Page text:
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Why does Swift have both classes and structs?

Paul Hudson    @twostraws   

Updated for Xcode 12.0

Classes and structs give Swift developers the ability to create custom, complex types with properties and methods, but they have five important differences:

  • Classes do not come with synthesized memberwise initializers.
  • One class can be built upon (“inherit from”) another class, gaining its properties and methods.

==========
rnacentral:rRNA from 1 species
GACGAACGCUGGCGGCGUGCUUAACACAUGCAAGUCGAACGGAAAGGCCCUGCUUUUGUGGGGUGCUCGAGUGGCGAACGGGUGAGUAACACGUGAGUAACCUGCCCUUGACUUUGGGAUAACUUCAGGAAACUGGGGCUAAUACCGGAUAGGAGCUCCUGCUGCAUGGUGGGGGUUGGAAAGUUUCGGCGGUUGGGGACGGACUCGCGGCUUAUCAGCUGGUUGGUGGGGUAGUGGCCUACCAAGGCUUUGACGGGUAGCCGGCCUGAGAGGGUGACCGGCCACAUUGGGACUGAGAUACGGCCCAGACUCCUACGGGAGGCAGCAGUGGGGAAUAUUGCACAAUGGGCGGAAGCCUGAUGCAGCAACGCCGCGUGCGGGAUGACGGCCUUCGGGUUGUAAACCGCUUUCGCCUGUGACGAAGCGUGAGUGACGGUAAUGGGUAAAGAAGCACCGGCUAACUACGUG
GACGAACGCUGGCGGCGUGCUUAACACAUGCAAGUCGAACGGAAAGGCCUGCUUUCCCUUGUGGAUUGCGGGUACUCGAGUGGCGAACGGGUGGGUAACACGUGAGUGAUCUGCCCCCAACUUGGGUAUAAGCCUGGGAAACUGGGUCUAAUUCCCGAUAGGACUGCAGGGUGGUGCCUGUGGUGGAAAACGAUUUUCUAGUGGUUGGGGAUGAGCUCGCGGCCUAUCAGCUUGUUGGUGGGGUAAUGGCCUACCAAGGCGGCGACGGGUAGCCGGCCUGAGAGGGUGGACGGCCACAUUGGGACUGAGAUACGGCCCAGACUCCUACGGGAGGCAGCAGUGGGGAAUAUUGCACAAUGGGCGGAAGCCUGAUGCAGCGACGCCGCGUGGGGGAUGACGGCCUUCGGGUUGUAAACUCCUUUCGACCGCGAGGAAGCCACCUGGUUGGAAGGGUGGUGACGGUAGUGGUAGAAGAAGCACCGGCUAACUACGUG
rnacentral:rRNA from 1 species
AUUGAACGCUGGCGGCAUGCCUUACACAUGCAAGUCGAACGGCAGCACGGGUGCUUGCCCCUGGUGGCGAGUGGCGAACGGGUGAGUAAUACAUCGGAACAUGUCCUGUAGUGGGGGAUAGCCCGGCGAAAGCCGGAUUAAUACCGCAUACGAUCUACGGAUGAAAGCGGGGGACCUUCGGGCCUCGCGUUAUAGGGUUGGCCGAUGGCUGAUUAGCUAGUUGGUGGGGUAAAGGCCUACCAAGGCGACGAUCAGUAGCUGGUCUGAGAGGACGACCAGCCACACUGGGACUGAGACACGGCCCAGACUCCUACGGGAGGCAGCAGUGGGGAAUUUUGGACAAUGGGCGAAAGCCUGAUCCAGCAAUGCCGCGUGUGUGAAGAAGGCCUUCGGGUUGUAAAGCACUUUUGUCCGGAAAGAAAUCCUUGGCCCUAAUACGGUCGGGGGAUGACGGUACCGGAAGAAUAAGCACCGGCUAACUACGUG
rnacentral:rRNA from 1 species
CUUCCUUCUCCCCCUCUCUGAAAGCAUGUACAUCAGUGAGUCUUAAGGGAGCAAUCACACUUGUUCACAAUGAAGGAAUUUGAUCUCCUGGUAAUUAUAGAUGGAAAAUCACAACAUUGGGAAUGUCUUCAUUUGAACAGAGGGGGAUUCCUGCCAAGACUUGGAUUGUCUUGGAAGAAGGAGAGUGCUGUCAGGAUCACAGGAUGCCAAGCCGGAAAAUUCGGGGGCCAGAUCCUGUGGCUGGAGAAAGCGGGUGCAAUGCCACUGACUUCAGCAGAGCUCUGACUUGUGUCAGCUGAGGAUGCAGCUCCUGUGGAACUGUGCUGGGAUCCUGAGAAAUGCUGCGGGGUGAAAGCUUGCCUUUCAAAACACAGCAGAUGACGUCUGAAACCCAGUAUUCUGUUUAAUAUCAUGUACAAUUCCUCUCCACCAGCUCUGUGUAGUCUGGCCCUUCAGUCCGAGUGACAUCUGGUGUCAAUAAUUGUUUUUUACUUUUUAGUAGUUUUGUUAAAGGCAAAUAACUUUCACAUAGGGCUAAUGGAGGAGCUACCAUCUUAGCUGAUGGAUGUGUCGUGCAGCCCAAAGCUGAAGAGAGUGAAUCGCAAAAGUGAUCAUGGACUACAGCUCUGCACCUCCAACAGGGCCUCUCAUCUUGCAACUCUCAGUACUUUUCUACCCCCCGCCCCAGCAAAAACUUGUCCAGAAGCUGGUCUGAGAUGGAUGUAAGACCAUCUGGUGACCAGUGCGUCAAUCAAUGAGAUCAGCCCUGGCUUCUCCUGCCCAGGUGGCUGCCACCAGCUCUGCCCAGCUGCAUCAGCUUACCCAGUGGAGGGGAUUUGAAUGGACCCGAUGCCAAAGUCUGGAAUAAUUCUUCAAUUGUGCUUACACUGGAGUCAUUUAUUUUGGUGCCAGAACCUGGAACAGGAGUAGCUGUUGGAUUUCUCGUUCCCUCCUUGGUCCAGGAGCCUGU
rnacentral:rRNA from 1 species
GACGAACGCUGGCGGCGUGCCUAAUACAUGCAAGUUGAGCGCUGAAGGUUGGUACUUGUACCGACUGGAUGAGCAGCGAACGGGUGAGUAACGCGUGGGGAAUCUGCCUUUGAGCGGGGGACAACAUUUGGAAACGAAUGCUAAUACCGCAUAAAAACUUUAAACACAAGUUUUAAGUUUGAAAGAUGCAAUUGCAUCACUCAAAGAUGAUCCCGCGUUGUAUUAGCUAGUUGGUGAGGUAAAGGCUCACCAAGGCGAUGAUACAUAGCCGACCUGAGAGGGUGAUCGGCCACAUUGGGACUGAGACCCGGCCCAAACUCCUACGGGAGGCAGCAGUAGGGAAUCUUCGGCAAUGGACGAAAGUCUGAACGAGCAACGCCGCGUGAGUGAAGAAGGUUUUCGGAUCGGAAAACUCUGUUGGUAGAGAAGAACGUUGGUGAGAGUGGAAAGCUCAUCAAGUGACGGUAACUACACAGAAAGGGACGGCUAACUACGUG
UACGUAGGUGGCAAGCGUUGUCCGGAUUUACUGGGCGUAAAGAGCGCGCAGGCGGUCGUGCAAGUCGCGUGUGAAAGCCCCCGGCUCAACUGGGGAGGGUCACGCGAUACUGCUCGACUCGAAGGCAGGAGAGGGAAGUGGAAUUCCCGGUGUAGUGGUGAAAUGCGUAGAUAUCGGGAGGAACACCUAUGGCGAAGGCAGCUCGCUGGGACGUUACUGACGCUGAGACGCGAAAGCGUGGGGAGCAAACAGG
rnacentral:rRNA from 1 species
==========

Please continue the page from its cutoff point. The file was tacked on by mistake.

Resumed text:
• Copies of structs are always unique, whereas copies of classes actually point to the same shared data.
  • Classes have deinitializers, which are methods that are called when an instance of the class is destroyed, but structs do not.
  • Variable properties in constant classes can be modified freely, but variable properties in constant structs cannot.

I’ll explain these differences in more detail soon, but the point is that they exist and that they matter. Most Swift developers prefer to use structs rather than classes when possible, which means when you choose a class over a struct you’re doing so because you want one of the above behaviors.

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